Correcting a "misbehaving" 3-way switch

The foyer in my house has two lights about 1/4 away from each end, and there are two switches at either end. Something like the following:
Switch A Light 1 Light 2 Switch B
Switches A & B control lights 1 & 2 in the following way:
Switch position Result Comment A_up, B_up Both lights on ==> lights 1 & 2 are in parallel A_down, B_up Both lights off As expected A_up, B_down Both lights off As expected A_down, B_down Both lights OFF THIS IS THE PROBLEM
It is the 4th case (A_down, B_Down) that is baffling me. In a regular 3-way switch, the lights should come on. In effect, my 3-way switch behaves like a "2.5-way switch, so to say". These two switches have ALWAYS behaved like this for last 6 years, since I bought the house (but the seller may have redone these, since switches look different than all other switches in the house).
I would greatly appreciate your advice and suggestions on the following.
Q1. Does this indicate a problem at Switch A? Or Switch B? Both?
Q2. Can this be rectified by opening the switch boxes?
Q3. I have a tester and have done the following electrical work in the past, without any problems: replace house fuse; replace the outlet box for the 200 V (dryer); extend the power line and add a motion detector light to the outside of the garage. Should I attempt to rectify the 3-way switch myself, or should I pay an electrician? (Seems silly to pay $75, minimum for the visit, to rectify such a simple problem).
Thanks a lot.
Bhoot Nath
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deja snipped-for-privacy@yahoo.com wrote:

It is a simple problem. Assuming the circuit ever worked properly to begin with, you'll have this behavior if the traveler has been swapped with the 'hot' terminal on either switch.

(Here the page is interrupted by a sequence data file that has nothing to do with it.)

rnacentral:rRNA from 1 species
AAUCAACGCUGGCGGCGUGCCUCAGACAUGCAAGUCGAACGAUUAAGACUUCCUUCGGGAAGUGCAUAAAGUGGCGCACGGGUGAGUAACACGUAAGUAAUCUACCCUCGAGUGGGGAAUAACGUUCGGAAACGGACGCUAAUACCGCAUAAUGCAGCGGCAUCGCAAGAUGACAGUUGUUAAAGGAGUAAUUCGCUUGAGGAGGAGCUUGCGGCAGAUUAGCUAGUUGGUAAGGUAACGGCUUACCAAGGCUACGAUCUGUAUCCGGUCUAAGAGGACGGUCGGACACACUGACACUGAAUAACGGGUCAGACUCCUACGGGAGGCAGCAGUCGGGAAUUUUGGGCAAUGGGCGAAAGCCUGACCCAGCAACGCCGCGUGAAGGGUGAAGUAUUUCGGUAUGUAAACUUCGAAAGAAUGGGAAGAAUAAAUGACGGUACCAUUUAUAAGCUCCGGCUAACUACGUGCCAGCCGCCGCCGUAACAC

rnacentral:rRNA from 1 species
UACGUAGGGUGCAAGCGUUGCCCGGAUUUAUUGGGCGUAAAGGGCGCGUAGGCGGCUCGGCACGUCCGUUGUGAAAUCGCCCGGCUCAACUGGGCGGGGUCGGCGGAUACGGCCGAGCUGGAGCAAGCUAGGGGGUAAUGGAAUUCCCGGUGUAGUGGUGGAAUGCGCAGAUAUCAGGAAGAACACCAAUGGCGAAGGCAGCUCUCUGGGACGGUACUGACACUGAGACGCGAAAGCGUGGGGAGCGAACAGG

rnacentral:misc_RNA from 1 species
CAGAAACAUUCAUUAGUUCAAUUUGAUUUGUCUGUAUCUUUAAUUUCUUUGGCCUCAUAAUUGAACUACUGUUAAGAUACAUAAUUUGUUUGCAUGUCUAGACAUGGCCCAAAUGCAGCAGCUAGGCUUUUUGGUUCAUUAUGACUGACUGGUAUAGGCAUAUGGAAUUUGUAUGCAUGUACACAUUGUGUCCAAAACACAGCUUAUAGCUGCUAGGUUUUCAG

Sketch it out and you'll see.
It's far too much of a headache to try to trace down what went wrong where. There are too many possible combinations.
The way to go is to disconnect the power, remove all the wires (don't panic) from both switches (6 total) and go at them with an ohmmeter or continuity checker. You can use a long piece of wire or an extension cord as a really long meter lead and find which pair of wires have continuity between both switch locations. 2 wires will have continuity. You've found the travelers. Take if trom there.
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Robert Barr wrote:

I concur. I'd suggest that you first look at a diagram of how two switches control one (or in your case two) lights to understand how a pair of three way switches do their job. Try this one:
http://www.misterfixit.com/3wayswch.htm
The second light in your foyer has to be connected in parallel with the first one. i.e. "across it".
It is possible that the wiring IS presently going to the correct switch terminals but one of the switches has become defective so that its "arm" doesn't connect to one of its two stationary contacts when it should. That will produce the fault you describe.
Failing that, you'll have to learn how to "ring out" the wiring as Robert says, or see if you can dope it out from the wire colors and a diagram like the one above.
Above all, BE CAREFUL!
HTH,
Jeff
--
Jeffry Wisnia

(W1BSV + Brass Rat '57 EE)
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deja snipped-for-privacy@yahoo.com wrote:

Did you read my responses yesterday in misc.consumers.house ?
That it has *always* been like this suggests very strongly that at least one of the switches is a standard two-way switch. Have you actually verified that they really *are* three-ways?
-- Regards, Doug Miller (alphageek at milmac dot com)
Nobody ever left footprints in the sands of time by sitting on his butt. And who wants to leave buttprints in the sands of time?
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